Covid: Couple in damages fight after vaccine side effects


A woman has described how she had to learn how to talk again after she said she was left partially-paralysed due to the side effects of her Covid-19 vaccine.

Kerry Hurt, from Rotherham, suffered a stroke after undergoing surgery for a blood clot two weeks after having the AstraZeneca jab.


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Mrs Hurt said it had “devastated” her life but still encouraged people to have the vaccine if they wanted it.

A government spokesperson said severe side effects were “extremely rare” and affected 1 in 100,000 people, external having first doses.

Mrs Hurt said she began to notice symptoms, starting with headaches, a week after having her first vaccine.

After being referred to A&E in Rotherham in April she was told she had a blood clot on her brain, leading to a stroke and two rounds of life-saving surgery.

“I’ve had to learn how to talk again, had to learn how to eat again and I’m currently learning how to walk again,” she said.

“It’s devastated my life. I can’t even get myself to the toilet anymore.”

Her husband, Pat, said her partial paralysis had “turned life upside down”, and had left them needing to fundraise for private physio appointments.

“She is one determined lady,” he said. “30 seconds changed someone’s life. It’s crucified us. Ruined us.”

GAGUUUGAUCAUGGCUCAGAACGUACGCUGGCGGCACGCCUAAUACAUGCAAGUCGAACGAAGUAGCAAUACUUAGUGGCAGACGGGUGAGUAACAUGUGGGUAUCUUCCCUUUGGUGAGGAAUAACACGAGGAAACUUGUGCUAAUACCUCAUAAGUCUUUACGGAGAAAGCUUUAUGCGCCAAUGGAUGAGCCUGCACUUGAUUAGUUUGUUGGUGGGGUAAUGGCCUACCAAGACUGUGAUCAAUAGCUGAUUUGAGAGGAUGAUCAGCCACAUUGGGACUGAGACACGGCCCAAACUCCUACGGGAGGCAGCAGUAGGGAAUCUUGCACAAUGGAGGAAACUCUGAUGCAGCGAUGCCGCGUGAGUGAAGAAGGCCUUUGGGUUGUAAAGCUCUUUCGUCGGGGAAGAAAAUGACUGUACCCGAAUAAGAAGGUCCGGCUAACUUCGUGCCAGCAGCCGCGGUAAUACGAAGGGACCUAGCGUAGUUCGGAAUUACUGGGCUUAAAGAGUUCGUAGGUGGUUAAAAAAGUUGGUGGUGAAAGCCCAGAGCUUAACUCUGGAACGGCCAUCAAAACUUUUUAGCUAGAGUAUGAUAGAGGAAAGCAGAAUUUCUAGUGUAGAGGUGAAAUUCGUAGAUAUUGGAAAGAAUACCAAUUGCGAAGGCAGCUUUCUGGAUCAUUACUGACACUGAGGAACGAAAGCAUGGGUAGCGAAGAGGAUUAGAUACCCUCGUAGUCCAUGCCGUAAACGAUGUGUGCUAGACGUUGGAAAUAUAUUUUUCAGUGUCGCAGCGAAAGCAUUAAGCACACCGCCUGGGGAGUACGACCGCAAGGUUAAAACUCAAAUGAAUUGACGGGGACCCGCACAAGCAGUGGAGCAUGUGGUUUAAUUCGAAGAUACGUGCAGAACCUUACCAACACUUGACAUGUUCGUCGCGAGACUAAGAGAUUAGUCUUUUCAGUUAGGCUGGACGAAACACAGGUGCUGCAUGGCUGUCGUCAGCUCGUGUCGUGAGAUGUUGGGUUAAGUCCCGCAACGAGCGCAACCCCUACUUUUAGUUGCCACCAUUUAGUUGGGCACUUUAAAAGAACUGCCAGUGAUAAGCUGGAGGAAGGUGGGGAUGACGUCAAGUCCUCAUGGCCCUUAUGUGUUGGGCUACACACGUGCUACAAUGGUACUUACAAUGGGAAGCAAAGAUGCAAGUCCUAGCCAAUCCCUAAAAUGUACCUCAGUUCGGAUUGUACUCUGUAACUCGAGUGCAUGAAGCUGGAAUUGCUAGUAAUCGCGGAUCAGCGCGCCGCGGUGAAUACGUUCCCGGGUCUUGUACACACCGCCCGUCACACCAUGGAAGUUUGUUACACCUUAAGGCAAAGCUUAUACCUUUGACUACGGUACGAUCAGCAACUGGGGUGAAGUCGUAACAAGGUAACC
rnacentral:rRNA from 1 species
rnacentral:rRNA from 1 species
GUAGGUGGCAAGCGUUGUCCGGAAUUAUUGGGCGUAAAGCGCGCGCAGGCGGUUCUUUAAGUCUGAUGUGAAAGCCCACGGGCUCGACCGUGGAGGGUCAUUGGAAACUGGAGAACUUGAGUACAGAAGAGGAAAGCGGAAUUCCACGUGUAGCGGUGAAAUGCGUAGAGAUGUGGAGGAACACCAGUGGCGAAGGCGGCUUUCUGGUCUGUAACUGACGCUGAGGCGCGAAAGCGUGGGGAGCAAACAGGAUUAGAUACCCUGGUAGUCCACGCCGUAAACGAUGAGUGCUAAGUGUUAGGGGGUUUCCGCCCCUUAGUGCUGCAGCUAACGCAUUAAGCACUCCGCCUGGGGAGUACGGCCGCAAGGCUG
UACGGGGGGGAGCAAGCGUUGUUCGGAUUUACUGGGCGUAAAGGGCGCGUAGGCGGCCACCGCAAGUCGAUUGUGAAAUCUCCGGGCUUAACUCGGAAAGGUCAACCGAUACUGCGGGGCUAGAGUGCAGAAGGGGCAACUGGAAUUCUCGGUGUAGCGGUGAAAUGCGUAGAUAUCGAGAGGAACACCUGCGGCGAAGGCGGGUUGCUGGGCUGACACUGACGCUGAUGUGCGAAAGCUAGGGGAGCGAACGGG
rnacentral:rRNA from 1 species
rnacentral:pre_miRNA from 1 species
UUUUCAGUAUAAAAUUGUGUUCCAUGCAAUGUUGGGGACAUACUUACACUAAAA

The couple said they went for their vaccines in order to go on holiday to Turkey and have encouraged others to have a jab if they want it.

“We both did it for the right reasons, we’re not anti-vaccines by any means,” Mr Hurt said.

Blood clots from vaccines are estimated to occur with 1 in 100,000 people over the age of 40 or those with underlying medical conditions.

For people aged under 40, the risk increases to 1 in 50,000 people.

In May, the government moved to offer an alternative to the AstraZeneca jab for people aged under 40 due to a link with rare clots.

The latest estimates indicate that the vaccination programme has directly averted more than 230,800 hospitalisations with coronavirus, Public Health England said, external.

The University of Oxford said the risk of having a blood clot was greater from catching Covid-19 , externalwhen compared with having a first vaccine dose.



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